Ermione was a complete flop when it was first written, possibly because it lacked a happy ending (something that was still something of a novelty at the time), or possibly because Rossini seems to have been trying harder than usual to stretch what could be done with the standard forms of opera of the day. Certainly it isn't because the music is poor or uninteresting. This is one of my favourite Rossini operas.
It was rediscovered in the 90s, and produced in a number of theatres, but the problems with staging it today are considerable. Not only is the soprano lead a massive, and massively demanding, role, but it requires not one but two lead 'Rossini-style' coloratura tenors, plus two other lesser coloratura tenor roles with a fair amount to sing in ensembles. The singing here is remarkably good, considering the difficulties of casting this opera. The conducting is lively and keeps up the interest.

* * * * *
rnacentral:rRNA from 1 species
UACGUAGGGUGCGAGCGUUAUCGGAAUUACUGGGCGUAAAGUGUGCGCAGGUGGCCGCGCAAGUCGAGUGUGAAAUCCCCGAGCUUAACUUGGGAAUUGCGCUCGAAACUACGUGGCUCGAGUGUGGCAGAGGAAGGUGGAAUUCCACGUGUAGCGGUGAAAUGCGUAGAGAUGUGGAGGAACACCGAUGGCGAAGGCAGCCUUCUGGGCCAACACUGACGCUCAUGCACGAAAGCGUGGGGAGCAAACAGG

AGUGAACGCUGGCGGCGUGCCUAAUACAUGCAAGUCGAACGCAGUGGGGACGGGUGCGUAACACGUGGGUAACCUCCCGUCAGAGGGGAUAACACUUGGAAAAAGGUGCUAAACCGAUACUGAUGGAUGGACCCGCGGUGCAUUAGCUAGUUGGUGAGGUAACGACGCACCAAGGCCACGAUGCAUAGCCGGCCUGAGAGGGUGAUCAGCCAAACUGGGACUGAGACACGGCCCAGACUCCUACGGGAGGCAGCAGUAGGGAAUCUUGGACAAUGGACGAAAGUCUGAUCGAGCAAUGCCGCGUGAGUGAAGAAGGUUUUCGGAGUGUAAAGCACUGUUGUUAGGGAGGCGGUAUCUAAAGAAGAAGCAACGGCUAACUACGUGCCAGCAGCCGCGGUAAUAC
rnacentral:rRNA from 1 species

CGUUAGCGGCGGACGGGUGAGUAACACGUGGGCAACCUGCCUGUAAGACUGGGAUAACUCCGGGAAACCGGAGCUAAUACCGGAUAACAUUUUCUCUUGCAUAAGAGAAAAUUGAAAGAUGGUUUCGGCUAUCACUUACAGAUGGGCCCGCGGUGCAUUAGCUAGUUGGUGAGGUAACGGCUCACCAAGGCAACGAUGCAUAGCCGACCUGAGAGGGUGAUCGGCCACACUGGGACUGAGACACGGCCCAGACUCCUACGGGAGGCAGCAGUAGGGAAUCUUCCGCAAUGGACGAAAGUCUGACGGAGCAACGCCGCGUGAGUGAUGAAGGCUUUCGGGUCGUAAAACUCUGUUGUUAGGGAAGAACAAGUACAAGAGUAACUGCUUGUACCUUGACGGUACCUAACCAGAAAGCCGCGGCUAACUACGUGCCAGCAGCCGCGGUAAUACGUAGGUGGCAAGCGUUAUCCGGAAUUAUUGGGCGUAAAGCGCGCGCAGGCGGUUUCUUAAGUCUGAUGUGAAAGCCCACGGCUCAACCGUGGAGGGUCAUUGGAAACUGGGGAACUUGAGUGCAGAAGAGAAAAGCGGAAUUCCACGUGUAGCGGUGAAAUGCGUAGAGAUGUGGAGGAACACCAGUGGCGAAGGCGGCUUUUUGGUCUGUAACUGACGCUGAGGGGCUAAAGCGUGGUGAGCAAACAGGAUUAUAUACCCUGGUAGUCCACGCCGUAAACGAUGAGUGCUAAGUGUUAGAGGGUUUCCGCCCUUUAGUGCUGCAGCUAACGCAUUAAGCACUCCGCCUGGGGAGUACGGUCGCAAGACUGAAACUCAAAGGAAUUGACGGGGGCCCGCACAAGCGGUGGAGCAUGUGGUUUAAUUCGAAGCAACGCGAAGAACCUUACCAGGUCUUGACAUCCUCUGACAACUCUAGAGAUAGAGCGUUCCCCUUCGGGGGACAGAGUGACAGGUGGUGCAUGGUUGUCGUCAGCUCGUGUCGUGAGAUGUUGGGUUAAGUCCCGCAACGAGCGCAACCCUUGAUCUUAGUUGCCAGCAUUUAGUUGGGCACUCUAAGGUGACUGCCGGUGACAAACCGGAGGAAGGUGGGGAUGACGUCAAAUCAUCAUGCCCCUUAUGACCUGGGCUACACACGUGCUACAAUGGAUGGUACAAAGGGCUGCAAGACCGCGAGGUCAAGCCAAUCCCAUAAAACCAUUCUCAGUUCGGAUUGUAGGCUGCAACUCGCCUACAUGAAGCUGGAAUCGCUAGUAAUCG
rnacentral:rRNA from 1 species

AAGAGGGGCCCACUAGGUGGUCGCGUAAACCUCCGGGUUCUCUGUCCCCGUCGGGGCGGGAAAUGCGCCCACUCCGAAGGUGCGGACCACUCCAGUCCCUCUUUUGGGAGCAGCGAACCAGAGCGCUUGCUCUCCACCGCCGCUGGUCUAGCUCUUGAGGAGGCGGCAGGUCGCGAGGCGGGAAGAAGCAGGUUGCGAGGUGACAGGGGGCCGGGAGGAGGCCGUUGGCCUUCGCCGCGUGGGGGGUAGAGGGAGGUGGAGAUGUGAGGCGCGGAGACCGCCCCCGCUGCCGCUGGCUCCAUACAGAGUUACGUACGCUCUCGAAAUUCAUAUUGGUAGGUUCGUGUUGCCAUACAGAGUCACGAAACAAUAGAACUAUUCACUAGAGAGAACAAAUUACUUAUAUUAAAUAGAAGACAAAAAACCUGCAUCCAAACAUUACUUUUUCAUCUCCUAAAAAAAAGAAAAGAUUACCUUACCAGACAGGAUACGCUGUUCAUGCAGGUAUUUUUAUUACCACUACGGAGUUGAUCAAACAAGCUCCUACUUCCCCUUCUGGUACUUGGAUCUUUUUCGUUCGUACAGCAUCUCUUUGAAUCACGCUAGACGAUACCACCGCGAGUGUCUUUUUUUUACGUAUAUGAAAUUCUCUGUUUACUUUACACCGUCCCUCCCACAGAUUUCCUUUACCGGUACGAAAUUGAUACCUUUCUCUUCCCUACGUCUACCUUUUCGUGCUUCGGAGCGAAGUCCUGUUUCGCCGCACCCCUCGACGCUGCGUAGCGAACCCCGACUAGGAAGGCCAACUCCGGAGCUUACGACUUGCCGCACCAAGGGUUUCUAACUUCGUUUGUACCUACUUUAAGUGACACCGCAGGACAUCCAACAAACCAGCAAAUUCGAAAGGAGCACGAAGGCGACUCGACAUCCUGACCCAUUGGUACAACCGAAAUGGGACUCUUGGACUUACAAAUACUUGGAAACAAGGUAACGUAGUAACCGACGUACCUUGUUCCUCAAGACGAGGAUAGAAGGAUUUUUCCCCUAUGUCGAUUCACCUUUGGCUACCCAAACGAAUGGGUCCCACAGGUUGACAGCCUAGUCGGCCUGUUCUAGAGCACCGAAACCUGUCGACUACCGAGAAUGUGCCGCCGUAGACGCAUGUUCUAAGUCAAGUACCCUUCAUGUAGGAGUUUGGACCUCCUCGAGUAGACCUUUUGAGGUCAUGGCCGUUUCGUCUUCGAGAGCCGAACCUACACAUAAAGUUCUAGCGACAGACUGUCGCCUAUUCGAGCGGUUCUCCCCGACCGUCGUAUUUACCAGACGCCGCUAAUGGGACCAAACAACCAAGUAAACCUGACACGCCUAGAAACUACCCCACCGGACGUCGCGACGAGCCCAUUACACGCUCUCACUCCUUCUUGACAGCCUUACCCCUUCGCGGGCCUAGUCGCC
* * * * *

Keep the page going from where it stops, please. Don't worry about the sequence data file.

The production is one of those (and there were lots in the 1990s) where the action takes place inside a theatre on a sloping stage. The costumes appear to be loosely 1860s (why? The opera was written in the 1810s). The actions of the characters fit the music reasonably well (there are no extraneous fish or Popes wandering about the stage), but still the production tends to intrude.